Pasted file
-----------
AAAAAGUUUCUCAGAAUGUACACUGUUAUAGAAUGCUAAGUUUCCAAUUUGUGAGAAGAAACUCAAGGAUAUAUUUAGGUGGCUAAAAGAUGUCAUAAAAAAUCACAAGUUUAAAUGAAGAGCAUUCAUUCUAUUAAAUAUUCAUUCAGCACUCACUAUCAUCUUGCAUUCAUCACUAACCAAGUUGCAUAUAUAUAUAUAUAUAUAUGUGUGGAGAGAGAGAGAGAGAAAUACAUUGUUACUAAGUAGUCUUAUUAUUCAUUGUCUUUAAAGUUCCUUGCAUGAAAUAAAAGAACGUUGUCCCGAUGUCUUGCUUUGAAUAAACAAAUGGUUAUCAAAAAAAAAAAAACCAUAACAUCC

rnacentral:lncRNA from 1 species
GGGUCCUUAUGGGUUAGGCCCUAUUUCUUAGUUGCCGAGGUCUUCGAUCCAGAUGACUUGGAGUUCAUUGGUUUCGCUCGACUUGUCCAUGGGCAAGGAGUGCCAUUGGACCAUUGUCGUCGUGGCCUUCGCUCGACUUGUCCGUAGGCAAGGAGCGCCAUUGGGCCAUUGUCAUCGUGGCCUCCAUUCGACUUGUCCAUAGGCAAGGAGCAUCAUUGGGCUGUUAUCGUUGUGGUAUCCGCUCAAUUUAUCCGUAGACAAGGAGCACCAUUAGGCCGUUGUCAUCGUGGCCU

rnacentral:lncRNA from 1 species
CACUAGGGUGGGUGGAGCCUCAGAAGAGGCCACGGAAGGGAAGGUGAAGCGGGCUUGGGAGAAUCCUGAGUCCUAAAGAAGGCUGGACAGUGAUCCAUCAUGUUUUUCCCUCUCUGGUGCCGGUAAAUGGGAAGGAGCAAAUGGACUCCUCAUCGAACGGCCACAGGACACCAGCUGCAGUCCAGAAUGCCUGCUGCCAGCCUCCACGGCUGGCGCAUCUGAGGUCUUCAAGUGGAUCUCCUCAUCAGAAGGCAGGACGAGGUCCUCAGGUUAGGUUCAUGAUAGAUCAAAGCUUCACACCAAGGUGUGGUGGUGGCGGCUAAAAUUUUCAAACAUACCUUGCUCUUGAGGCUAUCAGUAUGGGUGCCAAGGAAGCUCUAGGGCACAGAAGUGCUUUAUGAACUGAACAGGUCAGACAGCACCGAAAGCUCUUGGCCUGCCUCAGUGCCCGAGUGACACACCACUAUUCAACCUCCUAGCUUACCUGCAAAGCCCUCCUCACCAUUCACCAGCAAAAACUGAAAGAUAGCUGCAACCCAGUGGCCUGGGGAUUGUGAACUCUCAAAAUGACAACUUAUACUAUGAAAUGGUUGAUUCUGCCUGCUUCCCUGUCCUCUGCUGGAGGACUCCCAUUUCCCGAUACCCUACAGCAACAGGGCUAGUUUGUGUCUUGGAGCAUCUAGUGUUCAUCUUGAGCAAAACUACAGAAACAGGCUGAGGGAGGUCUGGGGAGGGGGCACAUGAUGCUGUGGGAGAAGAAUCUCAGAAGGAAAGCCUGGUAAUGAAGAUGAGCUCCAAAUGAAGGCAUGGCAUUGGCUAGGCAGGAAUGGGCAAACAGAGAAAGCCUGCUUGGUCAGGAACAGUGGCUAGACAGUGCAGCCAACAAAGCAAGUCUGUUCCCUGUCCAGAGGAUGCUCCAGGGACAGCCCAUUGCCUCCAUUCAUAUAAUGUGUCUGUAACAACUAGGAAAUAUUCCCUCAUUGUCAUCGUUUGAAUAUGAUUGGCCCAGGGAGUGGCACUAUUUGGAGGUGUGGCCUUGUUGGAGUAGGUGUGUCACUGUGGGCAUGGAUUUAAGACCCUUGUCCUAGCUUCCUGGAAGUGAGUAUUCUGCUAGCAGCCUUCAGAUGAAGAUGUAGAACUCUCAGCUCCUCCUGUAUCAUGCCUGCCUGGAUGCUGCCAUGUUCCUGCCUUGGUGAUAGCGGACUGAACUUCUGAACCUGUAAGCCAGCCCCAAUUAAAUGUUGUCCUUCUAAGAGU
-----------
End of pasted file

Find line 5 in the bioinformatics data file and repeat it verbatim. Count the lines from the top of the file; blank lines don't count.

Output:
CACUAGGGUGGGUGGAGCCUCAGAAGAGGCCACGGAAGGGAAGGUGAAGCGGGCUUGGGAGAAUCCUGAGUCCUAAAGAAGGCUGGACAGUGAUCCAUCAUGUUUUUCCCUCUCUGGUGCCGGUAAAUGGGAAGGAGCAAAUGGACUCCUCAUCGAACGGCCACAGGACACCAGCUGCAGUCCAGAAUGCCUGCUGCCAGCCUCCACGGCUGGCGCAUCUGAGGUCUUCAAGUGGAUCUCCUCAUCAGAAGGCAGGACGAGGUCCUCAGGUUAGGUUCAUGAUAGAUCAAAGCUUCACACCAAGGUGUGGUGGUGGCGGCUAAAAUUUUCAAACAUACCUUGCUCUUGAGGCUAUCAGUAUGGGUGCCAAGGAAGCUCUAGGGCACAGAAGUGCUUUAUGAACUGAACAGGUCAGACAGCACCGAAAGCUCUUGGCCUGCCUCAGUGCCCGAGUGACACACCACUAUUCAACCUCCUAGCUUACCUGCAAAGCCCUCCUCACCAUUCACCAGCAAAAACUGAAAGAUAGCUGCAACCCAGUGGCCUGGGGAUUGUGAACUCUCAAAAUGACAACUUAUACUAUGAAAUGGUUGAUUCUGCCUGCUUCCCUGUCCUCUGCUGGAGGACUCCCAUUUCCCGAUACCCUACAGCAACAGGGCUAGUUUGUGUCUUGGAGCAUCUAGUGUUCAUCUUGAGCAAAACUACAGAAACAGGCUGAGGGAGGUCUGGGGAGGGGGCACAUGAUGCUGUGGGAGAAGAAUCUCAGAAGGAAAGCCUGGUAAUGAAGAUGAGCUCCAAAUGAAGGCAUGGCAUUGGCUAGGCAGGAAUGGGCAAACAGAGAAAGCCUGCUUGGUCAGGAACAGUGGCUAGACAGUGCAGCCAACAAAGCAAGUCUGUUCCCUGUCCAGAGGAUGCUCCAGGGACAGCCCAUUGCCUCCAUUCAUAUAAUGUGUCUGUAACAACUAGGAAAUAUUCCCUCAUUGUCAUCGUUUGAAUAUGAUUGGCCCAGGGAGUGGCACUAUUUGGAGGUGUGGCCUUGUUGGAGUAGGUGUGUCACUGUGGGCAUGGAUUUAAGACCCUUGUCCUAGCUUCCUGGAAGUGAGUAUUCUGCUAGCAGCCUUCAGAUGAAGAUGUAGAACUCUCAGCUCCUCCUGUAUCAUGCCUGCCUGGAUGCUGCCAUGUUCCUGCCUUGGUGAUAGCGGACUGAACUUCUGAACCUGUAAGCCAGCCCCAAUUAAAUGUUGUCCUUCUAAGAGU